In the Country of Men
In the Country of Men by Hisham Matar
As we are currently unable to travel, I have made it my project to read a novel from every country in the world – although I do rather hope that the lockdown will finish before I come to the end of having read roughly two hundred books. Incidentally, this is an idea I got from listening to an interview on the radio on one of my very last journeys to the BMI just before the second national lockdown!
In the Country of Men is the 2006 debut novel by British-Libyan author Hisham Matar. It was shortlisted for the Booker Prize. Set in Tripoli in the summer of 1979, this Bildungsroman is narrated by the young boy Suleiman, who is growing up in the Gaddafi regime. Through his eyes, we discover the secrets his parents and the adults around him keep. There is his mother’s ‘illness’, medicated by bottles she obtains from the baker’s shop hidden in black bags. There are the stories she tells from her tragic youth, which led her to marry Suleiman’s father. She is unhappy in her marriage, but not for the reasons which we first assume. There is Suleiman’s father, supposedly away on business abroad, until Suleiman spots him entering a building in the city centre, disguised by wearing dark sunglasses. There are tapped phone calls, hidden books (and even the burning of books), and men sitting in cars parked outside homes, silently watching.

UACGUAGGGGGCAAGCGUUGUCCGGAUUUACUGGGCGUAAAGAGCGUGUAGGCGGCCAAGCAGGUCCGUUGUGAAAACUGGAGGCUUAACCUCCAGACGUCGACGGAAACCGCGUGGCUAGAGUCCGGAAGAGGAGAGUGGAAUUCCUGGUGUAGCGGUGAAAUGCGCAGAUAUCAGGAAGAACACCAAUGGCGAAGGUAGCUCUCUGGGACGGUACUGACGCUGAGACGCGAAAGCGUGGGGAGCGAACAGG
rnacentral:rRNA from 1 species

Slowly, as we follow events unfold through Suleiman’s eyes, we piece together the secrets that his parents are hiding. But as the narrator is nine years old, there is only so much he understands about the adults’ actions. There is a constant sense of unease, of imminent danger. The book is an uncomfortable read at times; there are disturbing scenes of violence and seeing it through the eyes of a nine-year old makes it even more gut-wrenching. What I found even more disturbing however was observing Suleiman’s own actions: a nine-year old boy trying to make sense of the world around him and trying to find his place in society, without understanding the consequences of his own actions. Then there is the violence in the games played by Suleiman and his friends on the streets of their neighbourhood in Tripoli. Perhaps this is even harder to digest than the violence perpetrated by the grown-ups.
Having said all of this, Matar’s writing is often poetic and beautifully evocative. I could almost feel the heat of the scorching summer sun and the breeze from the Mediterranean sea.
To sum up, this is not a comfortable book to read, but it is not meant to be. It is an important novel that addresses questions such as identity, exile, and relationships between parents and children, all of this against the backdrop of a historical depiction of Libya under Gaddafi’s dictatorship.
If you have previously enjoyed books such as Marjane Satrapi’s Persepolis or Khaled Hosseini’s The Kite Runner, this might be the next read for you.